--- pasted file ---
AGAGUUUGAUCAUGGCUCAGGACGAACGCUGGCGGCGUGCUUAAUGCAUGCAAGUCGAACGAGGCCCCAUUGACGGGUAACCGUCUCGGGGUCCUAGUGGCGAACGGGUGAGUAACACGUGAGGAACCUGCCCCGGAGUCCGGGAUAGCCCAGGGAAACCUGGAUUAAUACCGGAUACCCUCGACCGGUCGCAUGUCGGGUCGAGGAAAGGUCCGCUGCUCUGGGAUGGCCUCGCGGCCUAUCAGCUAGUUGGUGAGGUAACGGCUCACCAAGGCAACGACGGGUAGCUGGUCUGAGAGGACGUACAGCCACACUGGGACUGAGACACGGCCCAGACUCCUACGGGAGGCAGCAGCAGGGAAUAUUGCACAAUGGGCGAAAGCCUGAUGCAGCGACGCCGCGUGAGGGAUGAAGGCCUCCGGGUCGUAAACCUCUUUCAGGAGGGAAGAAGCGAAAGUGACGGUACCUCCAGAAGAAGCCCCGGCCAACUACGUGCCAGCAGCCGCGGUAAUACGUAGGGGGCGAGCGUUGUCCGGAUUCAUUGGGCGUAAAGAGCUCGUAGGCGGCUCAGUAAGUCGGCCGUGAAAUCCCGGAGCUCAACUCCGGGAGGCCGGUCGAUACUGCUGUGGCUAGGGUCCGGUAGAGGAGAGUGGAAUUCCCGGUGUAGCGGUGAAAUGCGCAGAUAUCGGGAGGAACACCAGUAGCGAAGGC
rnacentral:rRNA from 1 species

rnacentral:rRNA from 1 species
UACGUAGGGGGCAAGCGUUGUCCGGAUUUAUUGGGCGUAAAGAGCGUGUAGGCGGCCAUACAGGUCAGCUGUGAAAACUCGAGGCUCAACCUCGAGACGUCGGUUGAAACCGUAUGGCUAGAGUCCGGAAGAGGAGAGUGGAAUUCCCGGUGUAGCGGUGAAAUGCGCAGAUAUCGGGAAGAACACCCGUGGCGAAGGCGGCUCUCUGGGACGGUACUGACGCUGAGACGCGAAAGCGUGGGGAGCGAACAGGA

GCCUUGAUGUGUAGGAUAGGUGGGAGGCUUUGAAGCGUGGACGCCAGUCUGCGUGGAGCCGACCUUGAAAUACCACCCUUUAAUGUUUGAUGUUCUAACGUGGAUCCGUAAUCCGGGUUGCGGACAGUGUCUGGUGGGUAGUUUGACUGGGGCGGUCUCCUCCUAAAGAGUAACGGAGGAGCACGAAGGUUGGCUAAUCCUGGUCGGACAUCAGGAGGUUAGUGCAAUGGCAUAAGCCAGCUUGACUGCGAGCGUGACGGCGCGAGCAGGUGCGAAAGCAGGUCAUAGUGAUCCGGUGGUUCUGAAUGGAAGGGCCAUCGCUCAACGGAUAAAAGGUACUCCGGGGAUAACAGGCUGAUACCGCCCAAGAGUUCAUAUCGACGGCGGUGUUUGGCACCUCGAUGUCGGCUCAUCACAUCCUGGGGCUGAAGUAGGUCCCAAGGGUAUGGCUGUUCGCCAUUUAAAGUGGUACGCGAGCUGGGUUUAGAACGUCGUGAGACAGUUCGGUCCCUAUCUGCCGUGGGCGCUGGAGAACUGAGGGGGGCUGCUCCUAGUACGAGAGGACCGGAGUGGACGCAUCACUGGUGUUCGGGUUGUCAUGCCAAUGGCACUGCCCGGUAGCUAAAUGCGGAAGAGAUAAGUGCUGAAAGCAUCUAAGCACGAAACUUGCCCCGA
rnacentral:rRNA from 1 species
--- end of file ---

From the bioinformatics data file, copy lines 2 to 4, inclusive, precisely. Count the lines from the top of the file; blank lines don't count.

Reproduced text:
rnacentral:rRNA from 1 species

rnacentral:rRNA from 1 species
UACGUAGGGGGCAAGCGUUGUCCGGAUUUAUUGGGCGUAAAGAGCGUGUAGGCGGCCAUACAGGUCAGCUGUGAAAACUCGAGGCUCAACCUCGAGACGUCGGUUGAAACCGUAUGGCUAGAGUCCGGAAGAGGAGAGUGGAAUUCCCGGUGUAGCGGUGAAAUGCGCAGAUAUCGGGAAGAACACCCGUGGCGAAGGCGGCUCUCUGGGACGGUACUGACGCUGAGACGCGAAAGCGUGGGGAGCGAACAGGA